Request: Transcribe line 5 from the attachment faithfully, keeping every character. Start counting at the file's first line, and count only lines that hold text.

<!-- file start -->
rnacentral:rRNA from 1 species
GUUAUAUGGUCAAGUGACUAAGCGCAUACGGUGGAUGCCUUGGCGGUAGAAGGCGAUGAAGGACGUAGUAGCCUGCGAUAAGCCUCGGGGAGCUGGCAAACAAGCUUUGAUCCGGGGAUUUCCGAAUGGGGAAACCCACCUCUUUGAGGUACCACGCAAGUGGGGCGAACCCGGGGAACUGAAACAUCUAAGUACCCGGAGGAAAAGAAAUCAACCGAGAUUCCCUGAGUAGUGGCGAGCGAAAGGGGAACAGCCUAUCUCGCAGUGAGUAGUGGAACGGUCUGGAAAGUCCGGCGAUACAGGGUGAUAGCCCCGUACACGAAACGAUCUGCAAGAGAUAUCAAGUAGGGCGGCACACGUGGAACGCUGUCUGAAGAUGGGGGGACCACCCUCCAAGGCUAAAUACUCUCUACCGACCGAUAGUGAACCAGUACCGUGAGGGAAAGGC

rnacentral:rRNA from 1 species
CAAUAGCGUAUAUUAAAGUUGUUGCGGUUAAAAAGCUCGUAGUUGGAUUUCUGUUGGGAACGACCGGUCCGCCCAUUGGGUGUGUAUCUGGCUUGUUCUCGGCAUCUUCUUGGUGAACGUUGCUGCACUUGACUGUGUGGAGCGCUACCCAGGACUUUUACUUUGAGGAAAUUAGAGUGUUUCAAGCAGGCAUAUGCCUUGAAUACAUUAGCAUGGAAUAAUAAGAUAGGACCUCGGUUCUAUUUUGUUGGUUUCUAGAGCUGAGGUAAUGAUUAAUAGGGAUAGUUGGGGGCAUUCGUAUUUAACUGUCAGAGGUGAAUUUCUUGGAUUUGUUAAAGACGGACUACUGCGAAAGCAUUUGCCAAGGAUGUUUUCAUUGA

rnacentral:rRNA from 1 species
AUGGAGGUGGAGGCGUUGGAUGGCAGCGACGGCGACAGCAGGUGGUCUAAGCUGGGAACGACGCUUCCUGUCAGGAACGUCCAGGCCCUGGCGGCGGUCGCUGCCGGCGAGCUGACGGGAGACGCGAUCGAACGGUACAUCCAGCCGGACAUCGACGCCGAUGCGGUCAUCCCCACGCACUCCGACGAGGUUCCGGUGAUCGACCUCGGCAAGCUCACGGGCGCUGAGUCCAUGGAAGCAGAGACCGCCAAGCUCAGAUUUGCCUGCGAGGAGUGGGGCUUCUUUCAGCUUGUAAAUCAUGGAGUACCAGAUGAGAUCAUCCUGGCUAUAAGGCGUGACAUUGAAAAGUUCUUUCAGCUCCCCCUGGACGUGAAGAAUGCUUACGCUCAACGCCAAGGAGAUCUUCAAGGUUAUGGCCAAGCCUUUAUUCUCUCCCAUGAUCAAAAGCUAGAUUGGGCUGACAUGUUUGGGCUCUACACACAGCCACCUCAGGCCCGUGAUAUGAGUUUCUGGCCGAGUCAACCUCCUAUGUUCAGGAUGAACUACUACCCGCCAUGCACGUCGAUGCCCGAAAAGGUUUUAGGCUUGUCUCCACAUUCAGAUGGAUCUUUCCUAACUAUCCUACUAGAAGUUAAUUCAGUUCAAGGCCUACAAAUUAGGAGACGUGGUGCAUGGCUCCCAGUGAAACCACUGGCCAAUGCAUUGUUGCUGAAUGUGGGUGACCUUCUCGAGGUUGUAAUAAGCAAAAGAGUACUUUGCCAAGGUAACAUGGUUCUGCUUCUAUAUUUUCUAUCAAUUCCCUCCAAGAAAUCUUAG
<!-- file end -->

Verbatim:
rnacentral:rRNA from 1 species